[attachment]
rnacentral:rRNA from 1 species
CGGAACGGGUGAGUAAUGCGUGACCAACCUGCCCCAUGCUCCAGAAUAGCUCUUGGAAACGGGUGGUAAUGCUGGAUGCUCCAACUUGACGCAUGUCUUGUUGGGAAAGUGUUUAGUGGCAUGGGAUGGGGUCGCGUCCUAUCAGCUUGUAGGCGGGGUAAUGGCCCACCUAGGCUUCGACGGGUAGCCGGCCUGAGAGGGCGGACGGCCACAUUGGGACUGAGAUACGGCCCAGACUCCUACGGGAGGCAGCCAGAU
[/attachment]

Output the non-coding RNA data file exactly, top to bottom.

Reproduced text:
rnacentral:rRNA from 1 species
CGGAACGGGUGAGUAAUGCGUGACCAACCUGCCCCAUGCUCCAGAAUAGCUCUUGGAAACGGGUGGUAAUGCUGGAUGCUCCAACUUGACGCAUGUCUUGUUGGGAAAGUGUUUAGUGGCAUGGGAUGGGGUCGCGUCCUAUCAGCUUGUAGGCGGGGUAAUGGCCCACCUAGGCUUCGACGGGUAGCCGGCCUGAGAGGGCGGACGGCCACAUUGGGACUGAGAUACGGCCCAGACUCCUACGGGAGGCAGCCAGAU